Vikram Srinivasan of the The Chronicle thinks that Duke should offer a Great Books program for incoming Freshmen, a suggestion stemming from his observation that, more often than not, students enter their undergraduate institutions with little idea of what they want to study, an issue that the plethora of class choices does little to alleviate. A great books program like the one currently offered at Yale, however, would equip students with a solid foundation with which they could explore other subjects.
Here especially, offering students the option—not the requirement—of a Great Books-type immersion in their first year would not only enable them to satisfy numerous University requirements, but do so in a meaningful way that would enrich the remainder of their studies and prepare them to make more deliberate and thoughtful academic choices.
Indeed, in a liberal arts education, course order matters. Though it is true that many of the themes engaged by the primary works are timeless, they are not ahistorical. They are best studied as part of a conversation, and the classes I have learned the most in are those which have taught intellectual history as such.
Particularly for humanities students, it becomes clear over the course of their study how important the history of ideas is to a meaningful understanding of their coursework. The lack of a broad-based exposure to major thinkers in many of these fields can be frustrating for students as they enter higher level courses and realize they aren’t quite as familiar with the foundations as they thought they were. [emphasis mine]
The point that students have too much choice when it comes to selecting classes is a good one. Choice does yield utility to an extent, but at a certain point the utility seems to not just level off, but actually decrease. It’s a classic case of quantity versus quality. Bombarded with a plethora of options, many students drift through their undergraduate years, dabbling in a wide variety of courses instead of gaining expertise in one field. This is not to imply that choice is a bad thing, however, just that it can be a bad thing if misapplied. To use a cricket analogy, the status quo seems to favor all-rounders (those who have moderate ability in batting, bowling, and fielding) as opposed to specialists. A team of all-rounders may have fleeting success every now and then, but true, sustained success requires individuals who can take the skills they have developed over a long period of time and apply them to a multitude of different situations.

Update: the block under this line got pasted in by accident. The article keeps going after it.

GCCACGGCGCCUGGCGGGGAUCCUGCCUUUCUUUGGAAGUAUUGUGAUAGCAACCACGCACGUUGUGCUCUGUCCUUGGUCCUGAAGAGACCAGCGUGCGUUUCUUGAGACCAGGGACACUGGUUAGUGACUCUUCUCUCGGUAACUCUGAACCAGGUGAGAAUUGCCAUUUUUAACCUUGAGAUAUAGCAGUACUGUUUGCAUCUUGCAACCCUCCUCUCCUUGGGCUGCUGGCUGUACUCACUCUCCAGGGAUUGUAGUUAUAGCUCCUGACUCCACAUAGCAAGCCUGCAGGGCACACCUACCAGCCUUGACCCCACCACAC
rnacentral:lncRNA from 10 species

But the issue is not that simple. The humanities have been moving towards the periphery of our collective consciousness for a while now for a variety of reasons. First, the trend in post-modern “progressive education” circles has been to de-emphasize the value of facts in favor of nebulous “critical thinking” skills. Though, as E.D. Hirsch has been valiantly arguing for decades, such an approach not only flies in the face of common sense, it is antithetical to the latest research in neuroscience.
More powerfully than any previous critic, Hirsch showed how destructive these instructional approaches were. The idea that schools could starve children of factual knowledge, yet somehow encourage them to be “critical thinkers” and teach them to “learn how to learn,” defied common sense. But Hirsch also summoned irrefutable evidence from the hard sciences to eviscerate progressive-ed doctrines. Hirsch had spent the better part of the decade since Cultural Literacy mastering the findings of neurobiology, cognitive psychology, and psycholinguistics on which teaching methods best promote student learning. The scientific consensus showed that schools could not raise student achievement by letting students construct their own knowledge. The pedagogy that mainstream scientific research supported, Hirsch showed, was direct instruction by knowledgeable teachers who knew how to transmit their knowledge to students—the very opposite of what the progressives promoted. [emphasis mine]
Further, the “trendy new doctrines of multiculturalism, postmodernism (with its dogma that objective facts don’t exist), and social-justice” have created a market conducive to rampant esotericism, an unfortunate phenomena tragicomically illustrated by the now infamous Sokal hoax.
But I digress. Srinivasan’s point is a good one, and a similar approach would be worth considering right here in Arizona. Of course the whole discussion is moot as long as our splendid institution continues its open admissions policy. Asking students to stretch their minds and tackle tough reading assignments seems a bit futile when professors are forced spend half the semester explaining the consequences of plagiarism. The situation wouldn’t be so bad if there were even a semblance of a reason to trust that it was working. Unfortunately, no such reasons exists. The University of Arizona continues to trail the AAU pack when it comes to graduation rates; our four-year and six-year rates hover around 36% and 58%, respectively. I suppose this is a natural consequence when the powers-that-be look at students as little more than temporary sources of revenue.